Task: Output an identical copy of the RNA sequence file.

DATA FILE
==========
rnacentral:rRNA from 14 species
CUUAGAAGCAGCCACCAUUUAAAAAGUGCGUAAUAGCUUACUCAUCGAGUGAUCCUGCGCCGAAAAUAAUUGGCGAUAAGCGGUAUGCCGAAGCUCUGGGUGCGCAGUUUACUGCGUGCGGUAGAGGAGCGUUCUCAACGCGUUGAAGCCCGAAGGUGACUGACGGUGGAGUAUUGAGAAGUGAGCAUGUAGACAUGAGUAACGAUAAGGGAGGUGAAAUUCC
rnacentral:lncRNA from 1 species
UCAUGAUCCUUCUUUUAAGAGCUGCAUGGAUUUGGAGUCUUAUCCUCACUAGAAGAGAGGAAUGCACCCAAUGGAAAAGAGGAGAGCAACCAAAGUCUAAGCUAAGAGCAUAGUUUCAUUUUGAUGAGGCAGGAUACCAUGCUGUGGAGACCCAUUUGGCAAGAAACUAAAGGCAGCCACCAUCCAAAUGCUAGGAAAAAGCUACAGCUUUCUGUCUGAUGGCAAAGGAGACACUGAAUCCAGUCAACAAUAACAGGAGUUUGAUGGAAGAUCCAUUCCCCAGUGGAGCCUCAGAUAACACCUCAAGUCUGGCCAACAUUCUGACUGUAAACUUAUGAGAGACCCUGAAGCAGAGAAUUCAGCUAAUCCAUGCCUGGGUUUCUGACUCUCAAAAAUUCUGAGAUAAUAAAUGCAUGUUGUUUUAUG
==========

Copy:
rnacentral:rRNA from 14 species
CUUAGAAGCAGCCACCAUUUAAAAAGUGCGUAAUAGCUUACUCAUCGAGUGAUCCUGCGCCGAAAAUAAUUGGCGAUAAGCGGUAUGCCGAAGCUCUGGGUGCGCAGUUUACUGCGUGCGGUAGAGGAGCGUUCUCAACGCGUUGAAGCCCGAAGGUGACUGACGGUGGAGUAUUGAGAAGUGAGCAUGUAGACAUGAGUAACGAUAAGGGAGGUGAAAUUCC
rnacentral:lncRNA from 1 species
UCAUGAUCCUUCUUUUAAGAGCUGCAUGGAUUUGGAGUCUUAUCCUCACUAGAAGAGAGGAAUGCACCCAAUGGAAAAGAGGAGAGCAACCAAAGUCUAAGCUAAGAGCAUAGUUUCAUUUUGAUGAGGCAGGAUACCAUGCUGUGGAGACCCAUUUGGCAAGAAACUAAAGGCAGCCACCAUCCAAAUGCUAGGAAAAAGCUACAGCUUUCUGUCUGAUGGCAAAGGAGACACUGAAUCCAGUCAACAAUAACAGGAGUUUGAUGGAAGAUCCAUUCCCCAGUGGAGCCUCAGAUAACACCUCAAGUCUGGCCAACAUUCUGACUGUAAACUUAUGAGAGACCCUGAAGCAGAGAAUUCAGCUAAUCCAUGCCUGGGUUUCUGACUCUCAAAAAUUCUGAGAUAAUAAAUGCAUGUUGUUUUAUG